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What WWII Movie Would You Like To See?


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#1 Hurridale

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Posted 20 February 2004 - 11:40 PM

OK, this is a follow-up of the WWII movie thread. If you could, what WWII event would you pay money to go see?

What about the real-life inspiration for 007? Or the exploits of OSS agents who later became governent officials? How about Lee Marvin's real story, or that of Eddie Arnold?

My vote would go for some tank battle in the Western Desert, like a film version of "Brazen Chariots" (South African Major Crisp even mentions blasting at enemy trucks in late 1941 with a Thompson as they drive thru them with their US built Stuart tanks). Or the raid on Narvik (should have plenty of Tommies).

The more Thompsons, the more I'll pay to see it. Bring out an M3 or a Sten, and I'll wait till it comes out on video.
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#2 85th Engineer

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Posted 21 February 2004 - 12:07 AM

A real Iwo Jima movie. Not the "in name only" flick like the Duke made in '49. Wouldn't necessarily be a Thompson heavy movie, but certainly could include plenty of em. I've read every book written on that battle and it was one engagement that had to be pure horror. Like being miniturized and dropped into the middle of a bed of fire ants surrounded by water. Heck, it sure could be low budget as far as location, all you'ed need is to set up in a strip mine and whallah, instant Iwo terrain. Planning a trip to Iwo in March of '05 for the 60th anniversary of the battle. So I guess my choice of a movie is a bit influenced by that.
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#3 John Jr

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Posted 21 February 2004 - 12:08 AM

US Pilots of WW2 in Europe and the Pacific.

Hanging out of the window with Thompsons of course!

Jr
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#4 Arthur Fliegenheimer

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Posted 21 February 2004 - 10:34 AM

Hollywood could remake The Joseph McConnell story without the 1950's sentimentality, and while they are at it, they could make the Dick Bong story. How America's #1 ace never got a film is a mystery. But the perfect picture that was never made for Arnold Schwarzennegger would have been one based on Otto Skorzeny's exploits in Italy (rescuing El Duce) and during The Battle of The Buldge infiltrating the American lines with his MP saboteurs.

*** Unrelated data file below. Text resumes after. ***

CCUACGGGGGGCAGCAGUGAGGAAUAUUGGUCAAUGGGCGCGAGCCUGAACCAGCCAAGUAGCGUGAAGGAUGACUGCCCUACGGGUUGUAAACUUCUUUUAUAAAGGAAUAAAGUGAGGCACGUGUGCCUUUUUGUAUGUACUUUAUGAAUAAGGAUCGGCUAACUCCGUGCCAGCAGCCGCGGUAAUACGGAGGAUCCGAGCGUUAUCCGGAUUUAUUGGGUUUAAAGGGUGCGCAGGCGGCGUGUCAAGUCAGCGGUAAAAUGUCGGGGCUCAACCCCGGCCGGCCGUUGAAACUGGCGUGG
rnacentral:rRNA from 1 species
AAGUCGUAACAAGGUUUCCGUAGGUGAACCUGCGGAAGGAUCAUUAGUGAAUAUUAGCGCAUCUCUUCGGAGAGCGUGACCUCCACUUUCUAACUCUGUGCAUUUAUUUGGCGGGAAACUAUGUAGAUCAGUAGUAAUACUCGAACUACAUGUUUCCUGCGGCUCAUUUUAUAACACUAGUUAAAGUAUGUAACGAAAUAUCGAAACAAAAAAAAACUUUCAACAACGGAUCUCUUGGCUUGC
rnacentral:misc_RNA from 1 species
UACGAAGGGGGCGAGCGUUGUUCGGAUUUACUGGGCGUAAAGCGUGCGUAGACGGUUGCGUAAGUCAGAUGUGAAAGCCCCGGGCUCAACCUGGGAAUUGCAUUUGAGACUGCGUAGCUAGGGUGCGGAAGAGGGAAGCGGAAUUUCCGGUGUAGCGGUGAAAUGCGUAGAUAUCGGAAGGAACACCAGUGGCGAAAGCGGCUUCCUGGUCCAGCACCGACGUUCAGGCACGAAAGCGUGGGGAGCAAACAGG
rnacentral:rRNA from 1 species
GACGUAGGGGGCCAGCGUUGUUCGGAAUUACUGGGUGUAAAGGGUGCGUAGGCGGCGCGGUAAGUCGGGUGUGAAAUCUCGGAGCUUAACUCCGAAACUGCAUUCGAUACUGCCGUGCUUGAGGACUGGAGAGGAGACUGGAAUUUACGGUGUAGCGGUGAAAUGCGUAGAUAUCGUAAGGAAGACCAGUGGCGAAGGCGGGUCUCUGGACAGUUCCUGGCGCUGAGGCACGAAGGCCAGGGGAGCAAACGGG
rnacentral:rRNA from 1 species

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#5 full auto 45

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Posted 21 February 2004 - 10:53 AM

I thought that America's #1 Ace was the late Joe Foss? Marine Captain if I remember.
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#6 Arthur Fliegenheimer

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Posted 21 February 2004 - 11:06 AM

Mike,
Foss? He was America's 9th greatest ace of WWII. Even counting his Korean War kills, he doesn't approach Dick Bong's 40 kills in his P-38.

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#7 Hurridale

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Posted 21 February 2004 - 11:07 AM

Joe Foss was top Navy pilot with 26 kills (Marine). Dick Bong was highest overall with 40. (USAAF).

As I recall, Dick Bong was killed test piloting one of the first jets (XP-80?) on the day they dropped the Hiroshima bomb.
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#8 Arthur Fliegenheimer

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Posted 21 February 2004 - 11:13 AM

Hurridale,
Actually, if you consider the Marines as part of the Navy, Pappy Boyington with 28 kills beats Foss, even though he counts his CBI Theater kills when he was with the Flying Tigers.

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#9 Hurridale